Under Rule 20-3 there are three people who may always replace a ball, 1)the player, 2) the player’s partner, or 3) the person who originally lifted or moved the ball. So in your situation (assuming Brian has no partner), both Kevin or Brian may replace the ball.

  • BobG

    Sorry if this is a re-post, my original question does not appear. Under winter rules a player is allowed to mark, lift, clean, and place his ball (26-4). When exactly does the placed ball become “in play”? Is it when the ball touches the ground or when the mark is picked up? I thought I have seen pros fiddle with the placement to get it just so before picking up the mark.

    • Ryan Farb

      Bob,
      Under Preferred Lies, the Local Rule commonly known as Winter Rules, a player may place the ball only once. Once the hand leaves the ball on the ground, the ball is placed. Whether the mark is left in place or removed at that point is irrelevant with regards to the ball being in play.

  • Ed

    I hit my ball onto the green and notice an obvious dent on my line of putt probably put there by an angry golfer slamming his club on the green earlier in the day. What rights do I have regarding getting that damage repaired before I putt?

    • Ryan Farb

      Ed,
      If you believe the damage is severe enough to warrant the area being ground under repair, contact the Committee as soon as possible to see if they would deem it ground under repair or repair it themselves. If no Committee member is available, in stroke play you may proceed under Rule 3-3 playing one ball as it lies and the other with relief in accordance with Rule 25-1b and report to the Committee at the end of the round. In match play, you must continue the match without delay. If you take relief when not permitted or repair the damage your opponent may make a claim or overlook the breach (so long as there is no agreement to waive a Rule).

      • Ed

        In match play could my opponent agree that the damage should be gur and grant relief and we play on or would that be some sort of waiving the rules of golf problem?

        • Ryan Farb

          Ed,
          If you agree with your opponent to repair that damage or take relief when it isn’t GUR in and of itself and you are both aware that would be against the Rules, you both would be in violation of Rule 1-3. In match play, an opponent may overlook a breach, so with your opponent watching you can just repair it and take a chance that he doesn’t make a claim. If he makes a valid claim you would lose the hole under 16-1c. Not necessarily the wisest choice.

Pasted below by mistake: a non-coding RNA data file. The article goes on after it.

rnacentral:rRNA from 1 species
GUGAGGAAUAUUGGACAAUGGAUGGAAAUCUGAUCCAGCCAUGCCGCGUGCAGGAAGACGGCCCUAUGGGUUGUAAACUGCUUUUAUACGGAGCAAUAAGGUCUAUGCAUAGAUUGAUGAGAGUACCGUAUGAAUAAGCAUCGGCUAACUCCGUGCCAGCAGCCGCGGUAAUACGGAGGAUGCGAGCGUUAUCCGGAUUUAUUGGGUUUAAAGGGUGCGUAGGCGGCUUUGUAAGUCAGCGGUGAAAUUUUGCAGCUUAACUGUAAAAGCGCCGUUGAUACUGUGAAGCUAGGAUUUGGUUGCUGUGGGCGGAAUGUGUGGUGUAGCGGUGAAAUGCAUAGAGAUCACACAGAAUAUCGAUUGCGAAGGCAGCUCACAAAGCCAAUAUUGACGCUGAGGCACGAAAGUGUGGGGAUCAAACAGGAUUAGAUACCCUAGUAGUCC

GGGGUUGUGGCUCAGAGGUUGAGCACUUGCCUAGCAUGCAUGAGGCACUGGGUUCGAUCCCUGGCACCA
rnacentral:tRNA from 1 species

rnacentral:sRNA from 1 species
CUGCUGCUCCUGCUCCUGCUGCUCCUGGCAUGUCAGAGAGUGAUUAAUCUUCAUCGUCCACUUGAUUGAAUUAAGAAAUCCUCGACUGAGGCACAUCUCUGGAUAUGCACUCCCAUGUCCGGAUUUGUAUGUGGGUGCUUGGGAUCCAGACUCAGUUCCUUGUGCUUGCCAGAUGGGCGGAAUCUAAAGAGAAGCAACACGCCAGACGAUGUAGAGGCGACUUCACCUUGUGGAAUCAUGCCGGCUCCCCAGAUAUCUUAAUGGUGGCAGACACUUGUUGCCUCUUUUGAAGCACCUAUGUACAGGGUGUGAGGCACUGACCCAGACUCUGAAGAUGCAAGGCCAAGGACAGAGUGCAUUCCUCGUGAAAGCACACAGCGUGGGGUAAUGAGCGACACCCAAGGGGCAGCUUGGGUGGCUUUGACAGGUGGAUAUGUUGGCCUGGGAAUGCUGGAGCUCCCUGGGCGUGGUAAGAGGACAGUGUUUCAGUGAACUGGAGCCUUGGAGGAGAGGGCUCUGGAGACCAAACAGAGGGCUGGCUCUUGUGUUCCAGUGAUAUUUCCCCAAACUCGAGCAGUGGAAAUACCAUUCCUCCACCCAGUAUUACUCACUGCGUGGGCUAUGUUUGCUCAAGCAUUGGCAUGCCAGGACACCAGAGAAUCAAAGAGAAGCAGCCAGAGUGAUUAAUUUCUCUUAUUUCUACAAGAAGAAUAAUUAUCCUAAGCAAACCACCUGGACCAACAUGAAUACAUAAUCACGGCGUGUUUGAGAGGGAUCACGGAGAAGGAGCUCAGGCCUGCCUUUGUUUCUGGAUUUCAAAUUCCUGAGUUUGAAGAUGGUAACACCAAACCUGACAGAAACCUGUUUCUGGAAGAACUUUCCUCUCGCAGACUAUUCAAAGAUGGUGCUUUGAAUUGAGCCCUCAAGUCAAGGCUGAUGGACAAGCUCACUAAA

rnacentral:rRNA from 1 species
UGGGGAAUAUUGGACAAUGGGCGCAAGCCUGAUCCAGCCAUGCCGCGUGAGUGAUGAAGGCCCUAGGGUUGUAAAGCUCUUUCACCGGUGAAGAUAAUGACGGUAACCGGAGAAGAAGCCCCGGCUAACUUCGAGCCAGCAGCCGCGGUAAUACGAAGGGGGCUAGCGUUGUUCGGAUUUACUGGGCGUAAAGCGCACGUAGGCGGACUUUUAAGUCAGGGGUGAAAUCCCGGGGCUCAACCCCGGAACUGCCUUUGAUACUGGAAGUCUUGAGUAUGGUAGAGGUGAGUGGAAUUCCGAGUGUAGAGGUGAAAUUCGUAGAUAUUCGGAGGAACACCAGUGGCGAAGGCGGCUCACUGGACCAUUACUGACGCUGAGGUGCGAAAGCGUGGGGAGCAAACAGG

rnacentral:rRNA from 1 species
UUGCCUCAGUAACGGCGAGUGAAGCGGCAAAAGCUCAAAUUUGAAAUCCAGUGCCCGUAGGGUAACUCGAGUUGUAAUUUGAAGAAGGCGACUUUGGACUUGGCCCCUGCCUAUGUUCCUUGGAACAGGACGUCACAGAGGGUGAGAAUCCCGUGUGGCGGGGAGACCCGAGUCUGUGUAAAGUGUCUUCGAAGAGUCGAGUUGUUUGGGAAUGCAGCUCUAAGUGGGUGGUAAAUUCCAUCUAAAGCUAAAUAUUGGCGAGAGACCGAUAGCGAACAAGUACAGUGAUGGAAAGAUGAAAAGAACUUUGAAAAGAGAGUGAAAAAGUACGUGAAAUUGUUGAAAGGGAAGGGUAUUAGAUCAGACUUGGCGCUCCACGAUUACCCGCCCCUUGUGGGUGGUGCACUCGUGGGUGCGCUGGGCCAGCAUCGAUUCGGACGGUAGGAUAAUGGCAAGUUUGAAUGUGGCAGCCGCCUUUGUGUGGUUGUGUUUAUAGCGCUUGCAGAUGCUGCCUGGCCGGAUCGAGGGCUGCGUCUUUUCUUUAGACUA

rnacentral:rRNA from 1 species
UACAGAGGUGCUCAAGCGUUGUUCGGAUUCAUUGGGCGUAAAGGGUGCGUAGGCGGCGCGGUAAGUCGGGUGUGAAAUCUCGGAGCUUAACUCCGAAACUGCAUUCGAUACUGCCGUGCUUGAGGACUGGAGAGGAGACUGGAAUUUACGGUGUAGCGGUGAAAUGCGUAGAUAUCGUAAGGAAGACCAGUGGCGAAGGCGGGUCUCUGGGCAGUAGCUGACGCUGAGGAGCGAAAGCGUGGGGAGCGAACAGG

• Dennis Anderson

    Provisional Ball question: I read is Golf Digest that a player can go forward up to 50 yards and then go back to where ball last hit and declare that player is going to hit a Provisional Ball. Is this true?
    Dennis

    • Ryan Farb

      Dennis,
      Decision 27-2a/1.5 Meaning of “Goes Forward to Search” was revised for 2014 and now provides an approximate distance of 50 yards that a player may walk forward before he is considered to have “gone forward to search.” This, however, would not necessarily apply in the (hopefully) rare cases where the original is likely to be only a short distance (i.e., under 50 yards) away.

  • pacific

    I’m about to make a stroke that gets me on the green. However, I notice loose impediments on my target landing spot or on the line that I want the ball to roll on. I could be in a greenside bunker or at 80 yards away or on the tee box of a short Par 3. Before I make my stroke, may I walk up to the green and clear the loose impediments and repair ball & spike marks?

    • Ryan Farb

      Pacific,